Some of the operational issues which Sport Obermayer faces at the moment are:

Difficulty in forecasting demand due to variability in fashion preferences and also


because of a wide product line with a large number of SKUs
Sourcing, i.e. allocation of production between the Hong Kong and China plants. While
the China plant is more suited to large scale production orders, it is inefficient in terms
of handling a wide variety of products
Large lead times for manufacturing by sub contractors. Given the variability in forecasts
with lack of sales data, early production orders to sub contractors because of the large
lead times is a source of major risk as it can lead to over or under stocking of different
product varieties.
Logistics is another challenge for Sport Obermayer as the company has to provide
matching products well ahead of the season which not only put pressure on the
production process but also on the logistics process as well.

In lieu of these operational challenges, the following changes are proposed to improve the
operational performance of Sport Obermayer

The company should consider reducing the variety in its product line especially in the
Adult Segment. The product-process matrix for the adult segment is inefficient.
Columbia Sportswear with a high volume -low cost approach has proven to be a lot
more successful as compared to Sport Obermayer. Reducing the product line in the
adult segment would significantly ease the forecasting process.

The company should allocate the high volume-low cost product lines to the China plant
which due to easier forecasting can be done considerably early and allocate the
production of the other varied products primarily to the Hong Kong plant which is more
skilled and more efficient in term of speed of production. Thus the production order to
the Hong Kong plant can be delayed (the Hong Kong plant operates almost twice as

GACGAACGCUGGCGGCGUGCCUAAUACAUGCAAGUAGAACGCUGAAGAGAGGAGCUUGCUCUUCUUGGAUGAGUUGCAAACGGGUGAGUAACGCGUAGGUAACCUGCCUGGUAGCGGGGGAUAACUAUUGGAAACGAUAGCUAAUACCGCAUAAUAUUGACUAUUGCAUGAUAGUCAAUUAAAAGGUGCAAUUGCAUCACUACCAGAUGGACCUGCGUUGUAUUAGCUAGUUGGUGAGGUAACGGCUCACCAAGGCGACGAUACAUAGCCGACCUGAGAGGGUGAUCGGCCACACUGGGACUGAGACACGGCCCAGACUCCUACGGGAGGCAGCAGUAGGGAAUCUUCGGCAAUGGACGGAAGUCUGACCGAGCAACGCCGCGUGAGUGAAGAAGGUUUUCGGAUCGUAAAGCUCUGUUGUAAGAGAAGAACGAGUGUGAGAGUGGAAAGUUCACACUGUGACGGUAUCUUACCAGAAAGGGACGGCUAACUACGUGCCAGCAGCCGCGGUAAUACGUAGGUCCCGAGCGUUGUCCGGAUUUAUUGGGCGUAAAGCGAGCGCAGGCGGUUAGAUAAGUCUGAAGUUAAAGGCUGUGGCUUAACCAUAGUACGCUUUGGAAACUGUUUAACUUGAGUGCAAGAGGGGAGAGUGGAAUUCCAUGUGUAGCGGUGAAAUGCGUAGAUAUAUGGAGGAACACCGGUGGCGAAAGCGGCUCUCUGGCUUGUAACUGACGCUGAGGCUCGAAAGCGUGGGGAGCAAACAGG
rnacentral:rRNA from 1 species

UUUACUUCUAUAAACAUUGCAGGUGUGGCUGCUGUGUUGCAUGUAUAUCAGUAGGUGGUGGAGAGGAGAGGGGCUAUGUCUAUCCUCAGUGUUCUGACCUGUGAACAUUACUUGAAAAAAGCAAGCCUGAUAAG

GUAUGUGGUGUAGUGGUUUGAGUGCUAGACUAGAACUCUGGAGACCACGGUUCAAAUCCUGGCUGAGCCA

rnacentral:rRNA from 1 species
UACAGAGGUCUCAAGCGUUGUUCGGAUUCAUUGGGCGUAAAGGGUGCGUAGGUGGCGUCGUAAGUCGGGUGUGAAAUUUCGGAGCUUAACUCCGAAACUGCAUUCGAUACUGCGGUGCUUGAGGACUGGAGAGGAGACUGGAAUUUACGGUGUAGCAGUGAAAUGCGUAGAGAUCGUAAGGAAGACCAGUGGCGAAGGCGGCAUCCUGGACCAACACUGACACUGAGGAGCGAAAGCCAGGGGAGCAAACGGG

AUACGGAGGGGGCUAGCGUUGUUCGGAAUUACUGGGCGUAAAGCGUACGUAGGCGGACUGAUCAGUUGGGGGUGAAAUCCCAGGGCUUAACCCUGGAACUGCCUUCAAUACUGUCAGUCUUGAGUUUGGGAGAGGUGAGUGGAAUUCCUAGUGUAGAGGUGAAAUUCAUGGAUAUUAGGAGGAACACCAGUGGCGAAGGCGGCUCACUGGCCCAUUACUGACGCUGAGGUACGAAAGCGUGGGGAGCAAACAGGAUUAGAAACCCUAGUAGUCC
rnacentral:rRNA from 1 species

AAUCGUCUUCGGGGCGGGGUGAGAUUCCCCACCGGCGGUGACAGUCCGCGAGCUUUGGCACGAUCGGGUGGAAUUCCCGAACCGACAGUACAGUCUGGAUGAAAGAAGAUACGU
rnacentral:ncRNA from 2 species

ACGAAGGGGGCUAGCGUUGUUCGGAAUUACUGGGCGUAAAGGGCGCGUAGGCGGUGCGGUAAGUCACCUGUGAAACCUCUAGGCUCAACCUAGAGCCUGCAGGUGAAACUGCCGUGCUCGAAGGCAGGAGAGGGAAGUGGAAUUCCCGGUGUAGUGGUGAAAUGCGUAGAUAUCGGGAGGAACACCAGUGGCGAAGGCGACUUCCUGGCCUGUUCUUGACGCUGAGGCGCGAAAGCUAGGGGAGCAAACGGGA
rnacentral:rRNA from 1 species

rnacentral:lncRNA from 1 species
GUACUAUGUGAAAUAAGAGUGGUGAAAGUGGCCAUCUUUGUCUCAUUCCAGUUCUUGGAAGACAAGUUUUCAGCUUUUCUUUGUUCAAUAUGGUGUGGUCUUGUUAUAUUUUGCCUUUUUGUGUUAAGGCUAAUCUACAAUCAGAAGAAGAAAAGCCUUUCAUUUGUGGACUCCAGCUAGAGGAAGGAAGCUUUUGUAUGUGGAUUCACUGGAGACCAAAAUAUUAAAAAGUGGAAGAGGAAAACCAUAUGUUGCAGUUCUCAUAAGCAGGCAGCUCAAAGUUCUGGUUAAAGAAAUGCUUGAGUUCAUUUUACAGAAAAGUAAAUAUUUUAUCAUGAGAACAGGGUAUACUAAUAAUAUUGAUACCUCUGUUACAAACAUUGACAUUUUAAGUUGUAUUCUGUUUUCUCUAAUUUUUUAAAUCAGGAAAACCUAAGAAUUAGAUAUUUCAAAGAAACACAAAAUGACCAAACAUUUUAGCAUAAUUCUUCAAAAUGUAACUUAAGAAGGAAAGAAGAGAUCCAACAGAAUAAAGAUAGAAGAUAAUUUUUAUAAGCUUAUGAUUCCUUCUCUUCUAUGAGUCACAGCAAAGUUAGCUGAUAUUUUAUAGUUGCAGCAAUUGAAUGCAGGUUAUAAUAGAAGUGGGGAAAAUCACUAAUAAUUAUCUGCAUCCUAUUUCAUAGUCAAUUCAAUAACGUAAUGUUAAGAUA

efficient as the China plant) and the order can be based on the updated forecast which
incorporates additional sales data.

In terms of managing the lead times of the suppliers, the company should in the long
run consider vertical integration especially into finished shell and lining fabric which
has very long lead times. The company should ideally attempt to open a plant in China
where the labour costs are low and these operations do not require considerable skill
levels. This can significantly reduce the lead times as the company can now control the
process. Decreased lead times imply additional time availability for delayed production
based on a more well informed forecasting process.

A5) Sourcing Policy


Short-term Operational Changes
The maximum production of 20,000 set by Wally should be increased. For example, because
there is a maximum of 21,000 available units for the production period (3,000 production
capacity x 7 months), extra quantity of Gail could be produced without having to cut into
production of other styles. This would be preferable because sourcing Gail from China would
require 813 more units to be produced than what is forecasted to be sold. However the cost
savings of producing them in China outweigh the cost of selling the extra at an 8% loss. For
our recommendations, Gail was produced in Hong Kong in order to adhere to Wallys 20,000
maximum production guidelines. In reality, the company produces about 200,000 parkas
yearly and has production capacity of 210,000 parkas; therefore, it is more cost efficient to
overproduce from China in cases such as Gail.
Long-term Operational Changes
Train Chinese employees to increase production in China as labour is cheaper in China and
they so accept large orders.